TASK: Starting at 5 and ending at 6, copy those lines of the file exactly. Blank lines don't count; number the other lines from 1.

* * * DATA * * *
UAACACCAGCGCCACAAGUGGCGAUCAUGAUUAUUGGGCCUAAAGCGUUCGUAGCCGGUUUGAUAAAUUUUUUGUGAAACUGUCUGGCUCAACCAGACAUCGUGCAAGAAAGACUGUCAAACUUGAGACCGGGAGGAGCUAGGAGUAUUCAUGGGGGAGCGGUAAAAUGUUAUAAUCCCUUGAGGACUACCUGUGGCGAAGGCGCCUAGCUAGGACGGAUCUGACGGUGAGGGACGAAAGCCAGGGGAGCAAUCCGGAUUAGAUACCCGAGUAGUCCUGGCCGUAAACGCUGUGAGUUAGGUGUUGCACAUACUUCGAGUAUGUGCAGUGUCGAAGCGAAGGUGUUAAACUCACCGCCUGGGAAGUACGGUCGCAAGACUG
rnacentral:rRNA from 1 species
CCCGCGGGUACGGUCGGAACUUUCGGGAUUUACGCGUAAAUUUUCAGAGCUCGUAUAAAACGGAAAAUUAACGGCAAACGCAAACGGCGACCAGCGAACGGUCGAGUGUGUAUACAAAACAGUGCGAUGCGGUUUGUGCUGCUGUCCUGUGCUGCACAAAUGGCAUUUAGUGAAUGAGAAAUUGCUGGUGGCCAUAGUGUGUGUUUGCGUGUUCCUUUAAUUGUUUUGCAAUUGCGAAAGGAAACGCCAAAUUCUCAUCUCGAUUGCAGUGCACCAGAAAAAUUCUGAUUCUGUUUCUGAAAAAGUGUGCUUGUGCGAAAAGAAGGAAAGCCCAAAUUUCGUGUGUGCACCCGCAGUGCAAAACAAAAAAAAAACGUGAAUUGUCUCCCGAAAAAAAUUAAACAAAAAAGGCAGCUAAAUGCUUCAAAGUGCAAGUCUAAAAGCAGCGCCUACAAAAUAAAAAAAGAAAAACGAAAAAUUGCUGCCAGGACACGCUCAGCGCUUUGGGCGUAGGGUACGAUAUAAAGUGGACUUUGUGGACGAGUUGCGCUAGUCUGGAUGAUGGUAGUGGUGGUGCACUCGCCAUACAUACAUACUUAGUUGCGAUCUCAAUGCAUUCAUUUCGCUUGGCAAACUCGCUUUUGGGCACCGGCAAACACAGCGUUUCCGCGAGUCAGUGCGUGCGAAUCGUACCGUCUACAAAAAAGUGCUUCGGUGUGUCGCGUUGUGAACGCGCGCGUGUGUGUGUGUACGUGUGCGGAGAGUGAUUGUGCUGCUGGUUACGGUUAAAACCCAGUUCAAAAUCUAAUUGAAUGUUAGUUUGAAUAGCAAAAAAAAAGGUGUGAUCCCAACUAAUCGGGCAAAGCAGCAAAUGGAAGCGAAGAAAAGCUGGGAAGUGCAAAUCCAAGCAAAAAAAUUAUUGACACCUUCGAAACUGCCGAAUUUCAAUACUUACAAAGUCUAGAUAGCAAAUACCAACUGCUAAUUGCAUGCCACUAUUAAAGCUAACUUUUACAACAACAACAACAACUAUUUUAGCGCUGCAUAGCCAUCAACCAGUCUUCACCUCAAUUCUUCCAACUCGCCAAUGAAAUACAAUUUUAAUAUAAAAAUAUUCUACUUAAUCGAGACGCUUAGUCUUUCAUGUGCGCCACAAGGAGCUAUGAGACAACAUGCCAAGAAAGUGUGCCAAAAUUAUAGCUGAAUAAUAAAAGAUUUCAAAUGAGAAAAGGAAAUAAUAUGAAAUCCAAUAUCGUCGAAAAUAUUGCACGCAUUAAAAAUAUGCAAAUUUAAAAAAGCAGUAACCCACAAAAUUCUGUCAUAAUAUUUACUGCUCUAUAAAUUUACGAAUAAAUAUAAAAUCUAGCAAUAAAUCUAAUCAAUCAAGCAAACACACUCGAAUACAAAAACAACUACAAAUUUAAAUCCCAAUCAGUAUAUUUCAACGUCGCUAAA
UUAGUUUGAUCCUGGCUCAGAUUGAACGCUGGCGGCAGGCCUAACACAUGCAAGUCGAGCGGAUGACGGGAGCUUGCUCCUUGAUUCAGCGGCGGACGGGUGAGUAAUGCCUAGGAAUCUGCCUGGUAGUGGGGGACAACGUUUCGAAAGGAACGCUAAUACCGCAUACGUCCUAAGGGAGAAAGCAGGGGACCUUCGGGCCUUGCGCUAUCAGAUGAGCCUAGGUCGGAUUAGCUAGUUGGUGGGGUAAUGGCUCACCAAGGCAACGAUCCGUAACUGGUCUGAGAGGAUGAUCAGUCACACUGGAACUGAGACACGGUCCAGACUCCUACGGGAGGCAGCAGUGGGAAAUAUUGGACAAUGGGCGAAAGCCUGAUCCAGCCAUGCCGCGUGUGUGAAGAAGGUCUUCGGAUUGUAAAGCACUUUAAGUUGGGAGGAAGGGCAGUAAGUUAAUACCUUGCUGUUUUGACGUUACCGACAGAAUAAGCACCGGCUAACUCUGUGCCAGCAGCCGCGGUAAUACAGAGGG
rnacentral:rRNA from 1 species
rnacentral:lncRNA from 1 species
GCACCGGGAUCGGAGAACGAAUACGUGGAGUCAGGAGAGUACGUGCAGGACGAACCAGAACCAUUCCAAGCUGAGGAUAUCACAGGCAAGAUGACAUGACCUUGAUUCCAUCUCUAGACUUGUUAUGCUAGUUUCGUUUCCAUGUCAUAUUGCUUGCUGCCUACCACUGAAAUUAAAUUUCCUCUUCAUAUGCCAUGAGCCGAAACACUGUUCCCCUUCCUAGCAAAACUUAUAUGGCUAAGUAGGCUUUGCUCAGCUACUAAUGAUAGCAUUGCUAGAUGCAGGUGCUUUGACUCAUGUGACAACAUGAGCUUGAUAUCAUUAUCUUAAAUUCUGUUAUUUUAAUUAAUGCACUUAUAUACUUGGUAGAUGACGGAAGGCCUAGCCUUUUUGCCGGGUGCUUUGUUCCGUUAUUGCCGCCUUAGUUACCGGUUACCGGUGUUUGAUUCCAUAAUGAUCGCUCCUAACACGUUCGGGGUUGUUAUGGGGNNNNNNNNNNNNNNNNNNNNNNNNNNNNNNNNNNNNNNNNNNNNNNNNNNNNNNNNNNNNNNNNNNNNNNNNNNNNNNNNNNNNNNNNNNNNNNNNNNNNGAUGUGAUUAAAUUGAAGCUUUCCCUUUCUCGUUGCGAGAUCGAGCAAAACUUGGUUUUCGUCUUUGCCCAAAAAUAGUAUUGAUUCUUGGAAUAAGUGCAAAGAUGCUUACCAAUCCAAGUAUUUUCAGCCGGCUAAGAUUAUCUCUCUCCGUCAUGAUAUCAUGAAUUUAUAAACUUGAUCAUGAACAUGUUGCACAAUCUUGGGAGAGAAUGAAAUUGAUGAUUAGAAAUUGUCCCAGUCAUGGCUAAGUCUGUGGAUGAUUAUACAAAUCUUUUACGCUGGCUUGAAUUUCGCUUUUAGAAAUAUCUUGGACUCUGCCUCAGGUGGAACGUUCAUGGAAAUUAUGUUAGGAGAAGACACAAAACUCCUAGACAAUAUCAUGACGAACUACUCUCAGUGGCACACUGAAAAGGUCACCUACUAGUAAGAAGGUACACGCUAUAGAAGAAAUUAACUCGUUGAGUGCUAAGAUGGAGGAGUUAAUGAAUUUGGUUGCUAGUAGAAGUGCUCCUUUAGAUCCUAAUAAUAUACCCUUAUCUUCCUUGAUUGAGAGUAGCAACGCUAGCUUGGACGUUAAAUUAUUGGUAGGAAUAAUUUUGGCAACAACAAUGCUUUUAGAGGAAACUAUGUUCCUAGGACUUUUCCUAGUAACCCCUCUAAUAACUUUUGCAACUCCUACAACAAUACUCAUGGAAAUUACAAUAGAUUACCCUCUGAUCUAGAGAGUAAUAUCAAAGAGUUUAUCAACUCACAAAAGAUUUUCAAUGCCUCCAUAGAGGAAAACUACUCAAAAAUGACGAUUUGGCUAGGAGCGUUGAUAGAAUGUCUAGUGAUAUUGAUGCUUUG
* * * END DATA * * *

rnacentral:rRNA from 1 species
rnacentral:lncRNA from 1 species